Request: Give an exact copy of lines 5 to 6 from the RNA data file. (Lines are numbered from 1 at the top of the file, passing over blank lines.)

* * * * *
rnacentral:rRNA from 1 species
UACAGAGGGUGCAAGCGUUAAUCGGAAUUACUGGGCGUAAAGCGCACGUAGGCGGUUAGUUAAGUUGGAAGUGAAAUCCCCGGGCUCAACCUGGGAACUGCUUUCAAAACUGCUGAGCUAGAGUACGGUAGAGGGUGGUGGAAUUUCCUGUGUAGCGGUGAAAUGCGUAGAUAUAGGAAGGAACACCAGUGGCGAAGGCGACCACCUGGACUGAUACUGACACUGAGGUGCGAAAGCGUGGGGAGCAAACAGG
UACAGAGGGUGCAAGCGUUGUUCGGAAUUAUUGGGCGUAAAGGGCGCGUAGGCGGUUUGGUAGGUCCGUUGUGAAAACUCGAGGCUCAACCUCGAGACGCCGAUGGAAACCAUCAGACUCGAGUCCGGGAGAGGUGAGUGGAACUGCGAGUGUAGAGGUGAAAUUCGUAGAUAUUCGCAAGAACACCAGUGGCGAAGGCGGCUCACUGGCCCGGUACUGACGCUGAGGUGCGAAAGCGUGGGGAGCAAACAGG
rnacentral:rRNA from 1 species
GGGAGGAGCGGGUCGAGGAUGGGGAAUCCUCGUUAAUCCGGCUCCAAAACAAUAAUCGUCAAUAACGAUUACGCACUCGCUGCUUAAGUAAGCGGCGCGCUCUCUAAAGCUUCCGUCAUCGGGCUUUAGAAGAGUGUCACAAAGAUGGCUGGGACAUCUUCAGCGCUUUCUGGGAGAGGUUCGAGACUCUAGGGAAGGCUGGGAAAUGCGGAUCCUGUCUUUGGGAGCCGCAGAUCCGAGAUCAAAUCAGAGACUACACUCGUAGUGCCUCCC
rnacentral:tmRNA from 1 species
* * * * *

GGGAGGAGCGGGUCGAGGAUGGGGAAUCCUCGUUAAUCCGGCUCCAAAACAAUAAUCGUCAAUAACGAUUACGCACUCGCUGCUUAAGUAAGCGGCGCGCUCUCUAAAGCUUCCGUCAUCGGGCUUUAGAAGAGUGUCACAAAGAUGGCUGGGACAUCUUCAGCGCUUUCUGGGAGAGGUUCGAGACUCUAGGGAAGGCUGGGAAAUGCGGAUCCUGUCUUUGGGAGCCGCAGAUCCGAGAUCAAAUCAGAGACUACACUCGUAGUGCCUCCC
rnacentral:tmRNA from 1 species